Weber State’s communication department is trying to change the way students think about the major with a new program highlighting all of the courses of study within the department.
COMMfest will be hosted April 16 from 3 to 6 p.m. in Elizabeth Hall. It will feature interactive exhibits of the department’s co-curricular activities, the KWCR radio station, the video production lab Studio 76, The Signpost, the Weber State Debate team and the public relations team Ogden Peak Communications, which is organizing the event.
Immediately afterward in Elizabeth Hall, students from Communication 1020 public speaking classes will be featured in the first Speech Showcase. The showcase is part of a new Weber Speaks program that is getting students who may not be majors into the community to give speeches they created in their general education public speaking classes.
The Weber Speaks program launched this week with five public speaking students, Hayley Waldbillig, Brady Libby, Cara Darr, Alexa Peterson and Brandon Hyer, giving their speeches before the Ogden City Council Tuesday night.
COMMfest was created after the department surveyed students about opportunities within the department and found that students believed public speaking was the main option in the department. Few knew that KWCR, Studio 76 and The Signpost were also within the communication department.
“I don’t think people understood the range of the opportunities that are available, which is as much as we guessed,” said assistant professor Nicola Corbin, adviser for Ogden Peak Communications. “We wanted to figure out who influenced their decisions on choosing a major, because those are essentially the people we would target while doing our campaign.”
The communication department found that it was not getting information out to the people who could be doing the influencing.
COMMfest is designed to reach out not only to undeclared Weber State students, but also to high school students. In addition to highlighting the communication areas of study, one activity called “Speed Dating the Professionals” will provide alumni of the department the opportunity to talk to students about what it takes to get into their line of work.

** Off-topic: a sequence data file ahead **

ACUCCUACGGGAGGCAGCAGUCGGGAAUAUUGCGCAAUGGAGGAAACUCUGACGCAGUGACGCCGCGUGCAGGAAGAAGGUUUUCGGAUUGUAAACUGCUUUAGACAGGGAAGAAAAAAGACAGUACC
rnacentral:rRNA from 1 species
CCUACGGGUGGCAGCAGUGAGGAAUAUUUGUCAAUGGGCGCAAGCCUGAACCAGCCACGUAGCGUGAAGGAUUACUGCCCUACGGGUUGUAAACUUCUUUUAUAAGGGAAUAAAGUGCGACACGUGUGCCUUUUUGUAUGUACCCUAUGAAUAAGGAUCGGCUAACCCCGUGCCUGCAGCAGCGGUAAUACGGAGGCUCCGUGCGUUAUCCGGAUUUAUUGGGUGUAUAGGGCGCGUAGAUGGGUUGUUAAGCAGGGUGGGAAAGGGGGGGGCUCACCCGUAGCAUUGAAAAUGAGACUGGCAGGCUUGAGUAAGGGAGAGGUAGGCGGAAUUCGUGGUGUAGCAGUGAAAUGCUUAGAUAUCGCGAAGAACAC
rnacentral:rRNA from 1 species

One student thought it might be helpful.
“I think the Communication fest will be a great way to get the department’s opportunities out there,” said freshman Jenna Whitney. “I wasn’t sure that the communication department had so many job opportunities that were available to communication students.”
Freshman Brontae Hansen also liked the idea.
“For students who don’t have a major I believe that with the communication fest, they may become interested in the department because of the booths and activities that the communication fest will offer,” Hansen said.
Students who visit COMMfest will have the chance to experience the co-curricular activities hands-on. KWCR will have an exhibit that allows students to be a DJ for a few minutes, and Studio 76 will have a demonstration of a video camera set up for students to try out.
The object of the co-curricular activities in the department is to provide students real-world practice to complement the classroom teaching they receive in the communications major.
Professors from all areas of study will also be available to talk about the major, and five professors will talk about their research into media subjects.
“I think that the communication fest is a good idea to get students who may not know their major more opportunities to think about,” said freshman Madison Rayner. “I personally didn’t know about all of the opportunities the communication department offered, so having the festival is cool.”